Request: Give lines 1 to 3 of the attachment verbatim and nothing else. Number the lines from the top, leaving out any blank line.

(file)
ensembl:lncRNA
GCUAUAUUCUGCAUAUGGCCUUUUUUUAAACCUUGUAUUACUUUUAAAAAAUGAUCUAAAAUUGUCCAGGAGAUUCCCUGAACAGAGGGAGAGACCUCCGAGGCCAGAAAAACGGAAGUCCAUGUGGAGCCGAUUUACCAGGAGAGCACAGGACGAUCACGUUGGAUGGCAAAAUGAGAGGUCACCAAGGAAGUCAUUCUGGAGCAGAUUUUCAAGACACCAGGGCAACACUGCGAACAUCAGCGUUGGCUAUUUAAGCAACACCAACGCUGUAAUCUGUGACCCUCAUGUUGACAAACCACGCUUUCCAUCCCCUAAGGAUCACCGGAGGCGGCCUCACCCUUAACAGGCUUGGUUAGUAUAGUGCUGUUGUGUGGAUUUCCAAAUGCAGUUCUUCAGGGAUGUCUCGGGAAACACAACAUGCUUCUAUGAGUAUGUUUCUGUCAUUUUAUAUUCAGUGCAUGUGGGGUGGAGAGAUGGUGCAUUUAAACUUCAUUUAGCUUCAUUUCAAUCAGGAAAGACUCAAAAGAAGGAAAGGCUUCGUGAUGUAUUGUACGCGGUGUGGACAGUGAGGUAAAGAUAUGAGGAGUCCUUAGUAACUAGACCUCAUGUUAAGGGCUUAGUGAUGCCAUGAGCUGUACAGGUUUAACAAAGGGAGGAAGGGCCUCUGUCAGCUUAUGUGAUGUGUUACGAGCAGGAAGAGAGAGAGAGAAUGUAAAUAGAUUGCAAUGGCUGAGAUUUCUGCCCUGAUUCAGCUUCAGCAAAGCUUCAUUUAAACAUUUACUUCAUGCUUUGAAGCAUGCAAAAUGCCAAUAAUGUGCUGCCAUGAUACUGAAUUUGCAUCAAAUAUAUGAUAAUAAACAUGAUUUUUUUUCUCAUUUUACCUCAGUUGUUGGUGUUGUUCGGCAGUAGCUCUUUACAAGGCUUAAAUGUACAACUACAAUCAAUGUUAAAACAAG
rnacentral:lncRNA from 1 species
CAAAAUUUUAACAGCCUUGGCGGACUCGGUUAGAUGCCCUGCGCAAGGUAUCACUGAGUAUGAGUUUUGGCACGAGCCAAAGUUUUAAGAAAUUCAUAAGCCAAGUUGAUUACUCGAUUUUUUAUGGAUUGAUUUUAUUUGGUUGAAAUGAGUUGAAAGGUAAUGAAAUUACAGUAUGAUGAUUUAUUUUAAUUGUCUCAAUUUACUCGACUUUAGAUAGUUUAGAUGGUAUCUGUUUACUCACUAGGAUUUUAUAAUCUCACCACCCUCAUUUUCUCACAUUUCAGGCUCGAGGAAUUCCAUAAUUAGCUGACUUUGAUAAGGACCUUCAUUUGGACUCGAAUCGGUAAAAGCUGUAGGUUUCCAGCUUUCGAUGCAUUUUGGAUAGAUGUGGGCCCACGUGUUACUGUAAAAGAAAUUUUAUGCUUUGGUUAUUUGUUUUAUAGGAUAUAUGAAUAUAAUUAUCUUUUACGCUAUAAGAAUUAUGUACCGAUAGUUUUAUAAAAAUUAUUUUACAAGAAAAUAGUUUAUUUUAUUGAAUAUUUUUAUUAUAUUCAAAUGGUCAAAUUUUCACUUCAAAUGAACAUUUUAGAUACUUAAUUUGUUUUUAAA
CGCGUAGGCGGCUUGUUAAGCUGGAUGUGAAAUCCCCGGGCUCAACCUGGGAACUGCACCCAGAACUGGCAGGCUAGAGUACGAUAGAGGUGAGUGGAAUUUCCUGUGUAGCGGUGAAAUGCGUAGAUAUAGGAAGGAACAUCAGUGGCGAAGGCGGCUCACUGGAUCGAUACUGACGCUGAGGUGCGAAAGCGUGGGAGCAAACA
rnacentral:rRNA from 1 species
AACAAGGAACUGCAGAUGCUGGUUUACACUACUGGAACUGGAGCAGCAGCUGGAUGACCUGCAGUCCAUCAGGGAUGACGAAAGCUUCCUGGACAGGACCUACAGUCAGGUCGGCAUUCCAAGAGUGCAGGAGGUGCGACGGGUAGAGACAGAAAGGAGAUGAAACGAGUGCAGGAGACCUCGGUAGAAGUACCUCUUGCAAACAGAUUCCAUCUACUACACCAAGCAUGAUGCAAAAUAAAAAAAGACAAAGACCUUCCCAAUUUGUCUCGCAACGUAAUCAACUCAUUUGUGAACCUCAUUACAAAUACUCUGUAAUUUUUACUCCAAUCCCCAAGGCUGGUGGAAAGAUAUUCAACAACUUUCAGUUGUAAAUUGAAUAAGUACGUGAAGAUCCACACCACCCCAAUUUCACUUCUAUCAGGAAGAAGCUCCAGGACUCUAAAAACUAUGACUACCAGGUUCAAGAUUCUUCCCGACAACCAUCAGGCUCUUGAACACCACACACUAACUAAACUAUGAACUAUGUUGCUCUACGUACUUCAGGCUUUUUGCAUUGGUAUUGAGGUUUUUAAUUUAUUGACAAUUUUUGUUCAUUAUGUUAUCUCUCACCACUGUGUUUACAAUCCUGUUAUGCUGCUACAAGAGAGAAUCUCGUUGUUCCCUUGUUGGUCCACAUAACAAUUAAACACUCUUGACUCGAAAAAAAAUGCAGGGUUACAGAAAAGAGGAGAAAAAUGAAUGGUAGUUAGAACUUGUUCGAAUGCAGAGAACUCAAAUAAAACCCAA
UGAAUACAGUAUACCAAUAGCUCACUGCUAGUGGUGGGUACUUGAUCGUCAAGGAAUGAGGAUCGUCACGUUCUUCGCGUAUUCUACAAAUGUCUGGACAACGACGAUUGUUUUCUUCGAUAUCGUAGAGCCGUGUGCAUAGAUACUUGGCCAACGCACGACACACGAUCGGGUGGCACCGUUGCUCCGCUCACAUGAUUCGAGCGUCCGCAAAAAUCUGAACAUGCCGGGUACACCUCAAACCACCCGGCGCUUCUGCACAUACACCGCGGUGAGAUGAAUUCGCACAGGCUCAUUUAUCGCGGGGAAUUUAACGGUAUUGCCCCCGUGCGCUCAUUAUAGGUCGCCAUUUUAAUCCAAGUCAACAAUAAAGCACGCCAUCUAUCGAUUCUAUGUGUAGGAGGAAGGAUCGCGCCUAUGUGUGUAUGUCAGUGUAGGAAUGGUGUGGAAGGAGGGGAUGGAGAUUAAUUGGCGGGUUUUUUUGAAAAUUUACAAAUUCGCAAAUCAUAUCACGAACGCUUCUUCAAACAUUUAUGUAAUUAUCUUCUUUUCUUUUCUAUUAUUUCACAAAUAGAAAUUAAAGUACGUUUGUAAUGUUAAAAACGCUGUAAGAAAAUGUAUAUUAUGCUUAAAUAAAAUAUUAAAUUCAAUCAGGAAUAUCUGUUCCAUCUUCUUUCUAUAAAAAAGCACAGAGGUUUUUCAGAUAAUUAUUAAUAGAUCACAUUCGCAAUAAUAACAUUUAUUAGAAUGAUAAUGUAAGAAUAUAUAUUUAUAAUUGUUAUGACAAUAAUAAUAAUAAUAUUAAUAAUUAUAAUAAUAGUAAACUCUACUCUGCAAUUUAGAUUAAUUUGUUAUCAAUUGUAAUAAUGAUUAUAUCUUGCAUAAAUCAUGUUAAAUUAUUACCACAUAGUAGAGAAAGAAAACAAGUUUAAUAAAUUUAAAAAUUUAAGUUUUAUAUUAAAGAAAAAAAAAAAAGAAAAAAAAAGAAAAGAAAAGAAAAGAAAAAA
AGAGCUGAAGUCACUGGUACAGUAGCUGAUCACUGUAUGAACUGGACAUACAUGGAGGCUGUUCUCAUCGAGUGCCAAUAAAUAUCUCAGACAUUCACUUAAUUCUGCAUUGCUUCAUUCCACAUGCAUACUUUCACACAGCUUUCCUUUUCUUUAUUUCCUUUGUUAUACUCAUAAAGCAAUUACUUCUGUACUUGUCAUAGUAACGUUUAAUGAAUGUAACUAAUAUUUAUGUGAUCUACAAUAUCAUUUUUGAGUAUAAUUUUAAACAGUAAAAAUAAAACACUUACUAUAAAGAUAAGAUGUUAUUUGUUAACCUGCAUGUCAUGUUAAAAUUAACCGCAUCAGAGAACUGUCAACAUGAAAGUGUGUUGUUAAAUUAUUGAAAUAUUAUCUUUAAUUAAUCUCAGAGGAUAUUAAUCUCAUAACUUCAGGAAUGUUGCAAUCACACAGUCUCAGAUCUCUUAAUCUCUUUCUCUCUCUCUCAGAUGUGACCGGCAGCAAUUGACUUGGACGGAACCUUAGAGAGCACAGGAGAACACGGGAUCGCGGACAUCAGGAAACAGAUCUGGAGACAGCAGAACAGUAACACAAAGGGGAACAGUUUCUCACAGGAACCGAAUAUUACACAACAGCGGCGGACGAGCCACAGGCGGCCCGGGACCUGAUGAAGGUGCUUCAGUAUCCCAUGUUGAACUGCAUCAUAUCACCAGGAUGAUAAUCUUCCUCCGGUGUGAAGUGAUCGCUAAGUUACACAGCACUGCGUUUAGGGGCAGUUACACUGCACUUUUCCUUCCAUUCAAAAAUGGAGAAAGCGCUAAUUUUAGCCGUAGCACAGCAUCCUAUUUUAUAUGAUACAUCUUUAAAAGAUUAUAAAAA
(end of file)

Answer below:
ensembl:lncRNA
GCUAUAUUCUGCAUAUGGCCUUUUUUUAAACCUUGUAUUACUUUUAAAAAAUGAUCUAAAAUUGUCCAGGAGAUUCCCUGAACAGAGGGAGAGACCUCCGAGGCCAGAAAAACGGAAGUCCAUGUGGAGCCGAUUUACCAGGAGAGCACAGGACGAUCACGUUGGAUGGCAAAAUGAGAGGUCACCAAGGAAGUCAUUCUGGAGCAGAUUUUCAAGACACCAGGGCAACACUGCGAACAUCAGCGUUGGCUAUUUAAGCAACACCAACGCUGUAAUCUGUGACCCUCAUGUUGACAAACCACGCUUUCCAUCCCCUAAGGAUCACCGGAGGCGGCCUCACCCUUAACAGGCUUGGUUAGUAUAGUGCUGUUGUGUGGAUUUCCAAAUGCAGUUCUUCAGGGAUGUCUCGGGAAACACAACAUGCUUCUAUGAGUAUGUUUCUGUCAUUUUAUAUUCAGUGCAUGUGGGGUGGAGAGAUGGUGCAUUUAAACUUCAUUUAGCUUCAUUUCAAUCAGGAAAGACUCAAAAGAAGGAAAGGCUUCGUGAUGUAUUGUACGCGGUGUGGACAGUGAGGUAAAGAUAUGAGGAGUCCUUAGUAACUAGACCUCAUGUUAAGGGCUUAGUGAUGCCAUGAGCUGUACAGGUUUAACAAAGGGAGGAAGGGCCUCUGUCAGCUUAUGUGAUGUGUUACGAGCAGGAAGAGAGAGAGAGAAUGUAAAUAGAUUGCAAUGGCUGAGAUUUCUGCCCUGAUUCAGCUUCAGCAAAGCUUCAUUUAAACAUUUACUUCAUGCUUUGAAGCAUGCAAAAUGCCAAUAAUGUGCUGCCAUGAUACUGAAUUUGCAUCAAAUAUAUGAUAAUAAACAUGAUUUUUUUUCUCAUUUUACCUCAGUUGUUGGUGUUGUUCGGCAGUAGCUCUUUACAAGGCUUAAAUGUACAACUACAAUCAAUGUUAAAACAAG
rnacentral:lncRNA from 1 species